Lawsuit over forced gay conversion therapy brought to a close
The case of a man in Henan Province who brought a psychiatric hospital to court for performing forced “gay conversion therapy” on him has come to a close. The court announced its final decision on September 15th, approving the Zhumadian psychiatric hospital’s request to withdraw their appeal application over the lawsuit. In May 2016, a man named Yu Hu from Henan province decided to sue the Zhumadian psychiatric hospital which diagnosed him as having a “sexual preference disorder” without running any examination, and forced him to take medicine and receive injections in the hospital for 19 days. Yu Hu was forcibly sent to the psychiatric hospital by his wife and …read more
“Measures for the Management of Charitable Trusts” released
The China Banking Regulatory Commission and the Ministry of Civil Affairs (MCA) have jointly issued the “Measures for the Management of Charitable Trusts” (MMCT), marking the basic establishment of the regulatory system for China’s charity trusts. The official news briefing by the MCA explains that the regulation was released “in order to implement the Party’s central strategy, standardise charitable trusts, protect the legitimate rights and interests of charitable trust parties, and promote the development of philanthropy”. The “Charity Law”, which was passed in the fourth meeting of the 12th National People’s Congress, dedicated one chapter to charitable trusts, demonstrating the importance of the trust system in the development of philanthropy …read more
Chinese man wins lawsuit over forced gay conversion therapy
A man in Henan province has recently won a legal battle against a psychiatric hospital for the forced gay conversion therapy it performed on him. The man, surnamed Yu, was forcibly admitted to a psychiatric hospital in Zhumadian by his wife and relatives in 2015, after his wife discovered he was gay. The hospital took Yu in and diagnosed him with “sexual preference disorder” without running through an examination. Yu was forced to take medicine and receive injections for 19 days before his friends and LGBT activists helped him to get out. Six months later Yu decided to sue the psychiatric hospital, and the case was filed on June 13th, …read more
The Ford Foundation and other 14 overseas NGOs register in Beijing
Beijing’s Public Security Bureau (PSB) has awarded registration credentials and chief representative certificates to the Beijing representative offices of 15 overseas NGOs on June 30th. In addition to the Ford Foundation, other organizations registered included Give2Asia (USA), the Asia Foundation (USA), the Caterpillar Foundation (USA), the Environmental Defense Fund (USA), the Motion Picture Association of America, the International Federation of the Phonographic Industry (Switzerland), the Pacific Asia Travel Association (USA), the United States Information Technology Office, the China Cable Chamber of Commerce (Hong Kong), the World Trade Centers Association, the Japan-China Investment Promotion Organization (Japan), the Japan Iron and Steel Federation and the Korean Film Council. Officials from the Ministry …read more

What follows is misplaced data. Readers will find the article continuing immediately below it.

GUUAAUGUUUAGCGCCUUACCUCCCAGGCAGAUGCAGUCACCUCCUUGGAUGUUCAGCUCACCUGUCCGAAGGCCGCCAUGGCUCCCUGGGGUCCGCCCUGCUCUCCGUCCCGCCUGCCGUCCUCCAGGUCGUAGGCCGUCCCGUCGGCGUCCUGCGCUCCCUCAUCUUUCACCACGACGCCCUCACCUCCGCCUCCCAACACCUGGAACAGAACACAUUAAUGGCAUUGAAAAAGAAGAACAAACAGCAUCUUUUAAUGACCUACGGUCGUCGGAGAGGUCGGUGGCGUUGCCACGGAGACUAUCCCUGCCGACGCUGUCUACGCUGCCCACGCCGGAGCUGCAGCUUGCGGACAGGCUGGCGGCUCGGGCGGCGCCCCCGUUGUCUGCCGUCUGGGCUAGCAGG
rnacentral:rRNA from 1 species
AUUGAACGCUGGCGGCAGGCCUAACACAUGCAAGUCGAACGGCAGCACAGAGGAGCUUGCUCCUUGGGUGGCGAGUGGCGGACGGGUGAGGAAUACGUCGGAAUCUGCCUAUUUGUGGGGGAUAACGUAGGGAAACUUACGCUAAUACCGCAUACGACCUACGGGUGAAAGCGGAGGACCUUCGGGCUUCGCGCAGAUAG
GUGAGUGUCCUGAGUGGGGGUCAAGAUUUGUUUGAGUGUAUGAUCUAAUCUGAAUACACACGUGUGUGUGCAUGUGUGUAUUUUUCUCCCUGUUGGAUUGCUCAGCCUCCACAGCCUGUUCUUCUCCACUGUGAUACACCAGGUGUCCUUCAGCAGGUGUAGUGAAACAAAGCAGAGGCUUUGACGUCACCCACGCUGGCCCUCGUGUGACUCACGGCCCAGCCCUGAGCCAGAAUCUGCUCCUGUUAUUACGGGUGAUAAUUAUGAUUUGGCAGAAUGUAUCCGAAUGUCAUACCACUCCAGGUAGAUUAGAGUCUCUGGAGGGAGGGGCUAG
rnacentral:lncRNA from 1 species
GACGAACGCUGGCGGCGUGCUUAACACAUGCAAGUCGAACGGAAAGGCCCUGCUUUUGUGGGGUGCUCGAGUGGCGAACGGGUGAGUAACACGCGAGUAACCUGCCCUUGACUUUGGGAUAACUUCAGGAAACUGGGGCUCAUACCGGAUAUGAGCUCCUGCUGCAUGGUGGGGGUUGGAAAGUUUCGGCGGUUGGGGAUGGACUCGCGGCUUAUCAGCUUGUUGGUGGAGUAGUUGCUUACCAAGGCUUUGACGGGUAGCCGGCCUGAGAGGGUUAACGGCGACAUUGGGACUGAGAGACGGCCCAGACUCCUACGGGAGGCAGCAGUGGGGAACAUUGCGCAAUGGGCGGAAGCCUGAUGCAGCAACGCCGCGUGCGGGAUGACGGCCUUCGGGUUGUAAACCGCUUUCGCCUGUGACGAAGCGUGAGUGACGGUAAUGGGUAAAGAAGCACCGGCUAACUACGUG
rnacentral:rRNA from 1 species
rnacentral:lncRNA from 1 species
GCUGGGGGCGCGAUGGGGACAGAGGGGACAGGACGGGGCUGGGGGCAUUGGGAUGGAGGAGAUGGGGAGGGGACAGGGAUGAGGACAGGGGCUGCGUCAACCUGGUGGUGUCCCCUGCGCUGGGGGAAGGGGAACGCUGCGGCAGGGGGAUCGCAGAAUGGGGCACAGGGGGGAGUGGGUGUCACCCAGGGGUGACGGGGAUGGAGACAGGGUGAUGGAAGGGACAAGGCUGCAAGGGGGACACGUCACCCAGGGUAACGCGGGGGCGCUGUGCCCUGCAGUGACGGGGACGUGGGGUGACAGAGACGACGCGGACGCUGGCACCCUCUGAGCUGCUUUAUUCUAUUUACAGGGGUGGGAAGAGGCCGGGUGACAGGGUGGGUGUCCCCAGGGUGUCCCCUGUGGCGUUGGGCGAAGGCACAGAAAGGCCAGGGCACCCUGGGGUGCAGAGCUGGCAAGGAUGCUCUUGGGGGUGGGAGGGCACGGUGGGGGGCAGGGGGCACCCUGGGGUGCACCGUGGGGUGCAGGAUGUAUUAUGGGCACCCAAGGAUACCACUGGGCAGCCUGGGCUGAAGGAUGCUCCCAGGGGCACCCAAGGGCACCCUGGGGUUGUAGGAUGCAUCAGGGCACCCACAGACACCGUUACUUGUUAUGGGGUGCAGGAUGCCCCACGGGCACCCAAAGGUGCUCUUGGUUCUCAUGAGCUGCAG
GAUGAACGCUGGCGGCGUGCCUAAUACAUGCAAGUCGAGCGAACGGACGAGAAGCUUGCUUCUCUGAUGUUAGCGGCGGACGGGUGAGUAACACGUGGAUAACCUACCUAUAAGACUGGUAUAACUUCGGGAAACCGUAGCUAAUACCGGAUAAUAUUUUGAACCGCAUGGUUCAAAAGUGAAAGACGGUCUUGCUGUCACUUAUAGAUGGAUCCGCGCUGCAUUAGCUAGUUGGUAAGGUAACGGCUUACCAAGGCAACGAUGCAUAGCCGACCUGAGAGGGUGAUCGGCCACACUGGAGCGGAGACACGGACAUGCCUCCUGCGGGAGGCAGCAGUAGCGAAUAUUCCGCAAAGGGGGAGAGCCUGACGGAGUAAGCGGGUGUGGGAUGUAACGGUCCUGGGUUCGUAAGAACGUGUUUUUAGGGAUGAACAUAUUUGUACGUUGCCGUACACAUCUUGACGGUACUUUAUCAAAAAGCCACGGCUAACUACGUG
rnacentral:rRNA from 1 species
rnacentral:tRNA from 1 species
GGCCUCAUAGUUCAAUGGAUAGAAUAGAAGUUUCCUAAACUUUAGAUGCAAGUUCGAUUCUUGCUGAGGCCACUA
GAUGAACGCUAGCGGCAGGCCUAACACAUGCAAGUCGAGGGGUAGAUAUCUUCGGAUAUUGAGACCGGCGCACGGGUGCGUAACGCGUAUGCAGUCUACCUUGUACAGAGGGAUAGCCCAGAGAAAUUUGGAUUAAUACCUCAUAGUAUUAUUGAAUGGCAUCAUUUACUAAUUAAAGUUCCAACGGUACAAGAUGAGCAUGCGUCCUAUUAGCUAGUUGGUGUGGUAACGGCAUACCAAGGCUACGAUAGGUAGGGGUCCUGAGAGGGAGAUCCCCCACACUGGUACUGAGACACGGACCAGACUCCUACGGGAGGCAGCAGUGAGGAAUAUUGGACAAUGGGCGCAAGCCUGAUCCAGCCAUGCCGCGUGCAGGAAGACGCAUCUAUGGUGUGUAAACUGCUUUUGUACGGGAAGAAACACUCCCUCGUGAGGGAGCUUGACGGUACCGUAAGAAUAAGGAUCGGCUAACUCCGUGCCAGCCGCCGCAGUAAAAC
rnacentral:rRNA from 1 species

Hong Kong NGOs Registering in Mainland China: an Analysis
This article presents a detailed analysis of how Hong Kong NGOs have fared in registering and running temporary activities in Mainland China since the Overseas NGO Law was implemented.
The Comprehensive List of Overseas NGOs Registered in China
The complete list of overseas NGOs that have succeeded in registering a representative office in China since the Overseas NGO Law came out.
Amendment passed to China’s Environmental Impact Assessment Law
An amendment to China’s Environmental Impact Assessment Law was passed in the beginning of July. The law originally went into effect in 2003, aiming to mitigate the damage that construction projects cause the environment and promote the coordinated development of the economy, society and nature. Although it has played a positive role in the prevention of pollution and ecological damage, some loopholes in the legislation have also made themselves evident over the 13 years it has been in place, and calls for a revision were longstanding. The amendment includes a couple of salient points. First of all, the administrative requirements for EIAs have been weakened. Before it was amended, the …read more
China’s rules on freeing captive wild animals and using animal products as medicine amended
An amendment to China’s Wild Animal Protection Law was voted through in the 21st session of the twelfth NPC standing committee. The top two issues addressed by the amendment are whether the products of wild animals under key protection in China can be used as medicine, and the rules about freeing captive wild animals. The Wild Animal Protection Law was officially enacted in March 1989, and since then it has been amended twice in 2004 and 2009, but these amendments only concerned some specific changes in the phrasing. This year’s amendments on the other hand are more substantial. Zhai Yong, the director of the Act Office of the Environmental and …read more